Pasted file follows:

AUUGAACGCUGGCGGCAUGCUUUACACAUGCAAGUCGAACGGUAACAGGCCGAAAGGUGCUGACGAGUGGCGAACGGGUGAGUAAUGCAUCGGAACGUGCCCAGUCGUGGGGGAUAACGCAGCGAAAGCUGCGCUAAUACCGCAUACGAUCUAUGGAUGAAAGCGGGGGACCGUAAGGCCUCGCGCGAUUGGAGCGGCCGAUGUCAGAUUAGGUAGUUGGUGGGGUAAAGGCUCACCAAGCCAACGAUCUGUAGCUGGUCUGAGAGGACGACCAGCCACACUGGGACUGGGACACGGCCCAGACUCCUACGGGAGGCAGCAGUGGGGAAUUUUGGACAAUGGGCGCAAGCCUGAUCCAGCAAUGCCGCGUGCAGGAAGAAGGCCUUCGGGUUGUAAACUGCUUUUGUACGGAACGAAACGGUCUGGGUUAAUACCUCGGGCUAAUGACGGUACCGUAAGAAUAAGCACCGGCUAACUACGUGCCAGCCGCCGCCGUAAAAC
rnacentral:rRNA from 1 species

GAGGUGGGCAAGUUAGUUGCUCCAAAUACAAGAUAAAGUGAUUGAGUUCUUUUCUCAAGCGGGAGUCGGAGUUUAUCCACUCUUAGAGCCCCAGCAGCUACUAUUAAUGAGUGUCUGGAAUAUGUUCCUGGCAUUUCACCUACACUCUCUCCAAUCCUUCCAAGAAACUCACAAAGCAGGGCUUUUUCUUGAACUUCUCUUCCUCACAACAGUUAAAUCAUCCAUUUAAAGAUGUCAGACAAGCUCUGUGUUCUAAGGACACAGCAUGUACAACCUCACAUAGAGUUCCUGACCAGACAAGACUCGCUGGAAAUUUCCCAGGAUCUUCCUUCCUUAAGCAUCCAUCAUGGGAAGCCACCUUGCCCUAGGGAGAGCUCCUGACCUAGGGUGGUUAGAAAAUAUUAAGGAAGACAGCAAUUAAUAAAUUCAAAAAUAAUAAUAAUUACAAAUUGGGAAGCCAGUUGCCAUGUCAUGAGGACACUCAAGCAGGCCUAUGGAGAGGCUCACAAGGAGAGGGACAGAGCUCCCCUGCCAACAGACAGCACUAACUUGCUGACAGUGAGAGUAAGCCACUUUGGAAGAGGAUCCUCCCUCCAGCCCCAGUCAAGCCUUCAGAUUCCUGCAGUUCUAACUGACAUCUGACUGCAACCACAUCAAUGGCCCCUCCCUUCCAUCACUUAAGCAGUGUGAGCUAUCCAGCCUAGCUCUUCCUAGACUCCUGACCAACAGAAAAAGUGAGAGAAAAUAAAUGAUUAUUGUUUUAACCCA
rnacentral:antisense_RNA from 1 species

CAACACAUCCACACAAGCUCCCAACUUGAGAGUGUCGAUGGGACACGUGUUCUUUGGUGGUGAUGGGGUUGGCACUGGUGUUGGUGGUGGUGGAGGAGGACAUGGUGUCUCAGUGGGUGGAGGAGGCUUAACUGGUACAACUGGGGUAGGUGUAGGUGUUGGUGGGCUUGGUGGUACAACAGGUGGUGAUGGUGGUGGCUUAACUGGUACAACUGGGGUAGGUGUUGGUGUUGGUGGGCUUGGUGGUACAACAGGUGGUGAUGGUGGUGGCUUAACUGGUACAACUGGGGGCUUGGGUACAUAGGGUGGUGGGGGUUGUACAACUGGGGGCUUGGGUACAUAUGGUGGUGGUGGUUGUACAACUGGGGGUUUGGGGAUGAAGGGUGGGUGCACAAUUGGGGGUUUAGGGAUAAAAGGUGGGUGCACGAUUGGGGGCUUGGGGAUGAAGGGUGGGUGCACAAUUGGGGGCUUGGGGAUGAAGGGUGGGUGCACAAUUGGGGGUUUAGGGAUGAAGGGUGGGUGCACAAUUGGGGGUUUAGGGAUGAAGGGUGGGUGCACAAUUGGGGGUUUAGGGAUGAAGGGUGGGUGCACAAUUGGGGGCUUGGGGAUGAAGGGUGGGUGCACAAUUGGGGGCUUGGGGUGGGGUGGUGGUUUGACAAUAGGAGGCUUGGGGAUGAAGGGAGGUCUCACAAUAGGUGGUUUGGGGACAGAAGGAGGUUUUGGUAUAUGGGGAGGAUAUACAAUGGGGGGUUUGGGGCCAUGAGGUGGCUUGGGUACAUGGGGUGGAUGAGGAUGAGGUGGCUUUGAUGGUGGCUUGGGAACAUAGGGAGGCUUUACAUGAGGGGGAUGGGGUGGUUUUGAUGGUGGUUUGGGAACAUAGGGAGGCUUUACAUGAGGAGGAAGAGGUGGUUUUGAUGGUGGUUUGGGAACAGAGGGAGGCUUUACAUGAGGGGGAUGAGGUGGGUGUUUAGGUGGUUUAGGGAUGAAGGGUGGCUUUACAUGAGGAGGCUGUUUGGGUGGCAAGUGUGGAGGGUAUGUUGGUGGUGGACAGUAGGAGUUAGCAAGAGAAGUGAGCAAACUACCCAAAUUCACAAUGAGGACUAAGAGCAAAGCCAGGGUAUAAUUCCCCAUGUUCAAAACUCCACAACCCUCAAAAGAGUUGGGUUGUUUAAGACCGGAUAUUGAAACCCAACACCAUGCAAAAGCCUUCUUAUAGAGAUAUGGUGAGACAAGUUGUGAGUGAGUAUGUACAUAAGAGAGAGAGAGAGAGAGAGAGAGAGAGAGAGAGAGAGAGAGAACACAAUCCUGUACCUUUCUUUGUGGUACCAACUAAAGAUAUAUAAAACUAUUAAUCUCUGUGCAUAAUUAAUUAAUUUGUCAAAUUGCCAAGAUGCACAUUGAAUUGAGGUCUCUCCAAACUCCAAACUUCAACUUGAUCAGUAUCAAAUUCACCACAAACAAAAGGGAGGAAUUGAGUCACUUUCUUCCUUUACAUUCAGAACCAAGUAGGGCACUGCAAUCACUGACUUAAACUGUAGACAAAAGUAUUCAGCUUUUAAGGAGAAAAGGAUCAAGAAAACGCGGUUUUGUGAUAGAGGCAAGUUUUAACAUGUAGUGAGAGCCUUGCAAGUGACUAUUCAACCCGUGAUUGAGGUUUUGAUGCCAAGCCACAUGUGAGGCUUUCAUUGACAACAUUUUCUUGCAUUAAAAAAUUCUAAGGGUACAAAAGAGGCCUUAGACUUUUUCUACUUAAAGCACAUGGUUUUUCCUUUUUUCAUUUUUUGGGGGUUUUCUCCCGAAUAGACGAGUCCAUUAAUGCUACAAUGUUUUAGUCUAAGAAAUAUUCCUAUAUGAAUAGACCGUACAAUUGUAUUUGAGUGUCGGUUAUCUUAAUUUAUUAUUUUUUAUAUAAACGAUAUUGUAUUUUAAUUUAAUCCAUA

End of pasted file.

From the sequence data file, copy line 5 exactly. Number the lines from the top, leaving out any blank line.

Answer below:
CAACACAUCCACACAAGCUCCCAACUUGAGAGUGUCGAUGGGACACGUGUUCUUUGGUGGUGAUGGGGUUGGCACUGGUGUUGGUGGUGGUGGAGGAGGACAUGGUGUCUCAGUGGGUGGAGGAGGCUUAACUGGUACAACUGGGGUAGGUGUAGGUGUUGGUGGGCUUGGUGGUACAACAGGUGGUGAUGGUGGUGGCUUAACUGGUACAACUGGGGUAGGUGUUGGUGUUGGUGGGCUUGGUGGUACAACAGGUGGUGAUGGUGGUGGCUUAACUGGUACAACUGGGGGCUUGGGUACAUAGGGUGGUGGGGGUUGUACAACUGGGGGCUUGGGUACAUAUGGUGGUGGUGGUUGUACAACUGGGGGUUUGGGGAUGAAGGGUGGGUGCACAAUUGGGGGUUUAGGGAUAAAAGGUGGGUGCACGAUUGGGGGCUUGGGGAUGAAGGGUGGGUGCACAAUUGGGGGCUUGGGGAUGAAGGGUGGGUGCACAAUUGGGGGUUUAGGGAUGAAGGGUGGGUGCACAAUUGGGGGUUUAGGGAUGAAGGGUGGGUGCACAAUUGGGGGUUUAGGGAUGAAGGGUGGGUGCACAAUUGGGGGCUUGGGGAUGAAGGGUGGGUGCACAAUUGGGGGCUUGGGGUGGGGUGGUGGUUUGACAAUAGGAGGCUUGGGGAUGAAGGGAGGUCUCACAAUAGGUGGUUUGGGGACAGAAGGAGGUUUUGGUAUAUGGGGAGGAUAUACAAUGGGGGGUUUGGGGCCAUGAGGUGGCUUGGGUACAUGGGGUGGAUGAGGAUGAGGUGGCUUUGAUGGUGGCUUGGGAACAUAGGGAGGCUUUACAUGAGGGGGAUGGGGUGGUUUUGAUGGUGGUUUGGGAACAUAGGGAGGCUUUACAUGAGGAGGAAGAGGUGGUUUUGAUGGUGGUUUGGGAACAGAGGGAGGCUUUACAUGAGGGGGAUGAGGUGGGUGUUUAGGUGGUUUAGGGAUGAAGGGUGGCUUUACAUGAGGAGGCUGUUUGGGUGGCAAGUGUGGAGGGUAUGUUGGUGGUGGACAGUAGGAGUUAGCAAGAGAAGUGAGCAAACUACCCAAAUUCACAAUGAGGACUAAGAGCAAAGCCAGGGUAUAAUUCCCCAUGUUCAAAACUCCACAACCCUCAAAAGAGUUGGGUUGUUUAAGACCGGAUAUUGAAACCCAACACCAUGCAAAAGCCUUCUUAUAGAGAUAUGGUGAGACAAGUUGUGAGUGAGUAUGUACAUAAGAGAGAGAGAGAGAGAGAGAGAGAGAGAGAGAGAGAGAGAGAACACAAUCCUGUACCUUUCUUUGUGGUACCAACUAAAGAUAUAUAAAACUAUUAAUCUCUGUGCAUAAUUAAUUAAUUUGUCAAAUUGCCAAGAUGCACAUUGAAUUGAGGUCUCUCCAAACUCCAAACUUCAACUUGAUCAGUAUCAAAUUCACCACAAACAAAAGGGAGGAAUUGAGUCACUUUCUUCCUUUACAUUCAGAACCAAGUAGGGCACUGCAAUCACUGACUUAAACUGUAGACAAAAGUAUUCAGCUUUUAAGGAGAAAAGGAUCAAGAAAACGCGGUUUUGUGAUAGAGGCAAGUUUUAACAUGUAGUGAGAGCCUUGCAAGUGACUAUUCAACCCGUGAUUGAGGUUUUGAUGCCAAGCCACAUGUGAGGCUUUCAUUGACAACAUUUUCUUGCAUUAAAAAAUUCUAAGGGUACAAAAGAGGCCUUAGACUUUUUCUACUUAAAGCACAUGGUUUUUCCUUUUUUCAUUUUUUGGGGGUUUUCUCCCGAAUAGACGAGUCCAUUAAUGCUACAAUGUUUUAGUCUAAGAAAUAUUCCUAUAUGAAUAGACCGUACAAUUGUAUUUGAGUGUCGGUUAUCUUAAUUUAUUAUUUUUUAUAUAAACGAUAUUGUAUUUUAAUUUAAUCCAUA